Found chiefly in rural areas and particularly steep terrains, this practice is used on houses, around houses, in gardens, and vineyards and is a testament to the methods used since prehistory, optimizing local natural and human resources, which prove to be essential even today. Croatia’s most recognizable and best-preserved example of dry stone walling is ''fingerprint island'' – Baljenac, where 23,35 km of dry stone walls decorate the land.
Included by UNESCO in 2018, this unique construction approach promises a seamless integration into the existing environment.
The art of lacemaking in Croatia was inscribed in this prestigious UNESCO list back in 2009, but it is Hvar town’s famous agave lace that makes it worthy of Adriatic Intangible Heritage.
This specific lacemaking technique is unique not only because the thread is collected from fresh agave leaves, but it has an extraordinary connection to Benedictine nuns in the island town dating back to 1664.
Namely, Hvar poet Hanibal Lucić’s descendants donated his birth home to the Benedictine nuns when they first arrived on Hvar in 1664. While the nuns contributed significantly to education on the island by operating a primary school from the convent between 1826 and 1866, education wasn’t their greatest gift.
These Hvar town Benedictine nuns are thus best known for their agave lace creations, which have been made since the 19th century and have become a symbol of the entire island. The convent is still active today, where you can find the nuns producing these famous Hvar souvenirs!
Following the Cross
Easter week is powerful on Hvar island, and it’s all due to a paramount procession that visits six towns and villages in the heart of the island.
Namely, Following the Cross is a procession of worshippers and fraternity members, led by a single cross-bearer that takes off on the night before Good Friday (at precisely 10 pm). The 25 km candlelit journey takes the column through six Parish churches in Jelsa, Pitve, Vrisnik, Vrbanj, Svirče, and Vrboska. Supported by prayers and archaic songs, the cross-bearer hauls the 12 kg cross during the entire overnight journey until the break of dawn.
The most attractive part of the procession happens near its end, when the cross-bearer sprints along the Jelsa waterfront to the town’s main square for about 50 meters, bringing the traditional religious gathering to an end around 7 am on Good Friday. The procession finishes in the same place it began - in Jelsa. The cross-bearer then finally rests before a three-hour Good Friday ritual.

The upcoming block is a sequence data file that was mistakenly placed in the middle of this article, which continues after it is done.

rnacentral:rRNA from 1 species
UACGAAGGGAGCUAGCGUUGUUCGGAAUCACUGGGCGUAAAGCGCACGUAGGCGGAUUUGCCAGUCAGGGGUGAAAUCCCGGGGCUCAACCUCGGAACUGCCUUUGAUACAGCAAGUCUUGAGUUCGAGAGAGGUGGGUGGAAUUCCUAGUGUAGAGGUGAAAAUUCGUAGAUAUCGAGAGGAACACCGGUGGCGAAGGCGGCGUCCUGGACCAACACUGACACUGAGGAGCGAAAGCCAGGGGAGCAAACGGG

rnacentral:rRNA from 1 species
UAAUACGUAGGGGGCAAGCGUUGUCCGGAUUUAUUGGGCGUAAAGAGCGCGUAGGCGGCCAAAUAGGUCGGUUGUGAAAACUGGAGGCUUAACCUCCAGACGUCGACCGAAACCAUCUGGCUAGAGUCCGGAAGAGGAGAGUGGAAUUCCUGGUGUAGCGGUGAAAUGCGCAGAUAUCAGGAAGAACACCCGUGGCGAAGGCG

This procession has been held for over 500 years and lasts 8 hours. It was inscribed on UNESCO’s list in 2009 as one of the most exciting parts of Adriatic Intangible Heritage.
Festivity of Saint Blaise
February 3 is considered one of the most critical days in the history of Dubrovnik, for it is the day they celebrate their patron saint, Saint Blaise. Thus, Dubrovnik City Day is held every year on February 3 to honor the man who saved the famous walled city from a Venetian attack!
Namely, Saint Blaise saved Dubrovnik from a planned Venetian invasion in 971. As a sign of gratitude, the residents of Dubrovnik embraced Saint Blaise and proclaimed him their patron saint and protector, with the Festivity of Saint Blaise held every year since 972.
A part of UNESCO's intangible heritage since 2009, the Saint Blaise festivities actually begin the day before, on the day of Our Lady of Candelora, February 2. However, the central celebration is held on February 3, when the famous Dubrovnik Stradun is adorned with the saint’s relics and traditional folk costumes, while a solemn procession leads to Saint Blaise's Church. The event is enhanced by trombunjeri, who carry historic rifles on their shoulders once used to frighten enemies.
The Festivity comes to a close on February 7 with a solemn procession to Gorica, where the Saint Blaise flag is lowered in front of his church. The Festivity of Saint Blaise celebrated its 1050th edition on February 3, 2022.